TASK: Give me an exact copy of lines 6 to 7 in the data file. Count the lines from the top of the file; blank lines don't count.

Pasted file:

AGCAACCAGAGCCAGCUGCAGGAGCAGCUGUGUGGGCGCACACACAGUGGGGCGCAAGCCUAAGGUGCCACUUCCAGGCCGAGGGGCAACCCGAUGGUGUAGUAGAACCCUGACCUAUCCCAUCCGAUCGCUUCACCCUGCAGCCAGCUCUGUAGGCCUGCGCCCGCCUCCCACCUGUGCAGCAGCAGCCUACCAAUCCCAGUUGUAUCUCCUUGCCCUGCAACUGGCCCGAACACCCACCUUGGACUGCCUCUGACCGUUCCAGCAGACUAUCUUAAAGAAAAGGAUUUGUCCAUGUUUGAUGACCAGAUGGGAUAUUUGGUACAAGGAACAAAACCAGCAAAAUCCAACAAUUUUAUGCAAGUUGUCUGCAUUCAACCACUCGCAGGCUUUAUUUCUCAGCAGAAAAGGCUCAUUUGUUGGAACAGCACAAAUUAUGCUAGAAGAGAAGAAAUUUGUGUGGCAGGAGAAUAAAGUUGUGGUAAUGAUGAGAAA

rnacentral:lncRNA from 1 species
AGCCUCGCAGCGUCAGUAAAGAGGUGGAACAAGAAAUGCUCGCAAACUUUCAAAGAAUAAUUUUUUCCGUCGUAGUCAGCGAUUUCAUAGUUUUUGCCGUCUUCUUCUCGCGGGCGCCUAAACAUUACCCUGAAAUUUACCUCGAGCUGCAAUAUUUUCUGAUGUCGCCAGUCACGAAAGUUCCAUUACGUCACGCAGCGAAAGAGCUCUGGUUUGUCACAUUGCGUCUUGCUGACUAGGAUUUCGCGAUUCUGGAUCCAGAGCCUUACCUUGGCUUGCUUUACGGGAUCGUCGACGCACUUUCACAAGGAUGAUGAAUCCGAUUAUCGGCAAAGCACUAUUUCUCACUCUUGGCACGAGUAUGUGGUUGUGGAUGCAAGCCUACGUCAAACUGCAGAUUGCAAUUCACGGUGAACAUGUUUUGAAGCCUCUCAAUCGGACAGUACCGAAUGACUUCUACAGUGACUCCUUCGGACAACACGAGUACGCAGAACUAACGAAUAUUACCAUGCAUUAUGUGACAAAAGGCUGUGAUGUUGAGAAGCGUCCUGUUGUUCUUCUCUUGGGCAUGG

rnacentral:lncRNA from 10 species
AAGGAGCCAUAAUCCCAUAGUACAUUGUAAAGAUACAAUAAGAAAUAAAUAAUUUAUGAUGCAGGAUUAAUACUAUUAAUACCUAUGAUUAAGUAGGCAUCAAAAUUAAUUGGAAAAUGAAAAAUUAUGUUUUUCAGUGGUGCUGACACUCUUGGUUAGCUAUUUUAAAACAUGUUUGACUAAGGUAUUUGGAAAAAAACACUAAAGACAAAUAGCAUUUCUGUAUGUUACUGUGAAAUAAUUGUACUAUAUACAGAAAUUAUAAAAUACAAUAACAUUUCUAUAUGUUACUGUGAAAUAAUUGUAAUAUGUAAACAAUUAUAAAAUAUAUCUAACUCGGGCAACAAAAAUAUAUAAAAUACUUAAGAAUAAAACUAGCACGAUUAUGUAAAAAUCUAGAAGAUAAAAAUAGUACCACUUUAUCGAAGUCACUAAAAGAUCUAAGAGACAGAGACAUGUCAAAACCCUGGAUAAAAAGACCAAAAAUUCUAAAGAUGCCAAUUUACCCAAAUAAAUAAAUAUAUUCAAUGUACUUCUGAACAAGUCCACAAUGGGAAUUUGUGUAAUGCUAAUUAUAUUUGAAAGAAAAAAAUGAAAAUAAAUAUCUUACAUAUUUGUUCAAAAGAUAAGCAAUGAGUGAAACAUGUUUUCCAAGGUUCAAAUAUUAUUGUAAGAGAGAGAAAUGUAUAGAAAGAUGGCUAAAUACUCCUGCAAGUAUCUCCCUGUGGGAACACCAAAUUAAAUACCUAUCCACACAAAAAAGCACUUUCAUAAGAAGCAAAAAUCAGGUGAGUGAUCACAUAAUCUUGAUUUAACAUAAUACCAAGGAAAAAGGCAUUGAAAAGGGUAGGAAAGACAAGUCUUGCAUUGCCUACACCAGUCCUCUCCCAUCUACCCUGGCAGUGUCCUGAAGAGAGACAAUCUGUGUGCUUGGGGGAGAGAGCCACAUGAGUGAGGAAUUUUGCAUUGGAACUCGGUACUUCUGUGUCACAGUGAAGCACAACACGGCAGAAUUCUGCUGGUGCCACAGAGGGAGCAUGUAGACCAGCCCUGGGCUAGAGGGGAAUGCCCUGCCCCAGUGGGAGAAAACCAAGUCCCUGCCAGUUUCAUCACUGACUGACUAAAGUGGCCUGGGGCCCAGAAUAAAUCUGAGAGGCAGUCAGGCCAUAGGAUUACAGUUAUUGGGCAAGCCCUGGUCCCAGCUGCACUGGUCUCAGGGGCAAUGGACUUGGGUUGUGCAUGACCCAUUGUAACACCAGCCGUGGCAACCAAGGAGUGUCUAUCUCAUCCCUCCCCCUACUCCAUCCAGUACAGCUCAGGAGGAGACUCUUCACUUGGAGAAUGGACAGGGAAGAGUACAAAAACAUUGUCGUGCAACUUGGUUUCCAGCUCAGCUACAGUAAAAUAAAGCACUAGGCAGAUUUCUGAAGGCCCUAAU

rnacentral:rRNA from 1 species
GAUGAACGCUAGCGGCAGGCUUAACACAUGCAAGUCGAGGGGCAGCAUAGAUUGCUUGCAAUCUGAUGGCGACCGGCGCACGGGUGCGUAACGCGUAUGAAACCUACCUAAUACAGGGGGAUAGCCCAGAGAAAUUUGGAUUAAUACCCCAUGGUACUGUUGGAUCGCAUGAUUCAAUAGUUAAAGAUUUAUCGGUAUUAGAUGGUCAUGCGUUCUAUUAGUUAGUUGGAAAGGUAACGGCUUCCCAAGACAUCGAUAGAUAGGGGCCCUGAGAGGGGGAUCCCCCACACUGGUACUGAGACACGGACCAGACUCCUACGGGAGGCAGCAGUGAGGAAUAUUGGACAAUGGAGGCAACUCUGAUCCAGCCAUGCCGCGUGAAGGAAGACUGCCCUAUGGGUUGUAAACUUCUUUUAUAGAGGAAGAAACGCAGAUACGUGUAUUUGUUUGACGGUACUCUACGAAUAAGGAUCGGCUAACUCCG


rnacentral:rRNA from 1 species
GAUGAACGCUAGCGGCAGGCUUAACACAUGCAAGUCGAGGGGCAGCAUAGAUUGCUUGCAAUCUGAUGGCGACCGGCGCACGGGUGCGUAACGCGUAUGAAACCUACCUAAUACAGGGGGAUAGCCCAGAGAAAUUUGGAUUAAUACCCCAUGGUACUGUUGGAUCGCAUGAUUCAAUAGUUAAAGAUUUAUCGGUAUUAGAUGGUCAUGCGUUCUAUUAGUUAGUUGGAAAGGUAACGGCUUCCCAAGACAUCGAUAGAUAGGGGCCCUGAGAGGGGGAUCCCCCACACUGGUACUGAGACACGGACCAGACUCCUACGGGAGGCAGCAGUGAGGAAUAUUGGACAAUGGAGGCAACUCUGAUCCAGCCAUGCCGCGUGAAGGAAGACUGCCCUAUGGGUUGUAAACUUCUUUUAUAGAGGAAGAAACGCAGAUACGUGUAUUUGUUUGACGGUACUCUACGAAUAAGGAUCGGCUAACUCCG